This paper discusses the direct influence Central Eurasia had on Eurasia and the world as a whole in a long-term historical perspective, and the current geostrategic situation in Central Eurasia. A. Fursov stresses the geohistorical centrality of Central Eurasia between the XV-XIII centuries BC and XIII-XV centuries AD. Now, after the dissolution of the USSR and the formation of the New Independent States from the former Soviet republics, centrality seems to have returned to this part of Eurasia, though not on its previous scale.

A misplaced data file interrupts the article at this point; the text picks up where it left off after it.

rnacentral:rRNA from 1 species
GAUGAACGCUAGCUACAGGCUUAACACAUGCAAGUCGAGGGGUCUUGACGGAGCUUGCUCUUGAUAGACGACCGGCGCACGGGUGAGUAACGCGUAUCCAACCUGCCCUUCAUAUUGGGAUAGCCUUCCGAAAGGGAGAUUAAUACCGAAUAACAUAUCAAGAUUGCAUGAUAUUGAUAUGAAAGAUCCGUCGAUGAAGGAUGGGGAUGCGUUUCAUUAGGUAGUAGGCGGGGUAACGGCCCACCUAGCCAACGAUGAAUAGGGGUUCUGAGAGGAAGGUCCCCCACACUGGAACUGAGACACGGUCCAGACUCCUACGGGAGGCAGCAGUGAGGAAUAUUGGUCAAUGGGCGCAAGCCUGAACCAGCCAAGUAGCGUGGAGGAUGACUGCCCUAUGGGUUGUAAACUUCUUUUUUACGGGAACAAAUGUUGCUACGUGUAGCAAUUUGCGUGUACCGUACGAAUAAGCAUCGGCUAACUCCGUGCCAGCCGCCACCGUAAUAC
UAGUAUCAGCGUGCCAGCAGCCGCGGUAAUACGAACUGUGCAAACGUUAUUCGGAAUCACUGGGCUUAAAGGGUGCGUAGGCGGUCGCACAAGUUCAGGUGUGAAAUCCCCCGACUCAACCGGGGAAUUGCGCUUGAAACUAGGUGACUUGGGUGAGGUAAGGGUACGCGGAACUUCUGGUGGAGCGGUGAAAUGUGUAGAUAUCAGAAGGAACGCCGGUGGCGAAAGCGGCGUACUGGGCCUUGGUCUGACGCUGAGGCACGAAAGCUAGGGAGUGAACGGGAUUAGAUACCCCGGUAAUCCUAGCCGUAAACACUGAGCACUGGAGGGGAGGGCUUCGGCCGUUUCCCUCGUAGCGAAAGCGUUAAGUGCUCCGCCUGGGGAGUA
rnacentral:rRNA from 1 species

Central Eurasia had a great influence on the world in an indirect form – in the form of the Central Eurasian power model (CEPM). In this model, control over population is more important than control over land, hence power is more important than property. The CEPM was initially forgotten by the Mongols on the basis of 1500 years of development of nomad empires. In the agricultural space of Russia and due to contacts with the Russian principalities this model became transformed into Russian power. In the twentieth century, to survive in the capitalist system and to maintain its initial geohistorical algorithm this power took form of Soviet communism, i.e. world anti-capitalism. Now after the breakdown of communism, Russia is at the point of bifurcation and it will take several years to see which path of development it will choose.
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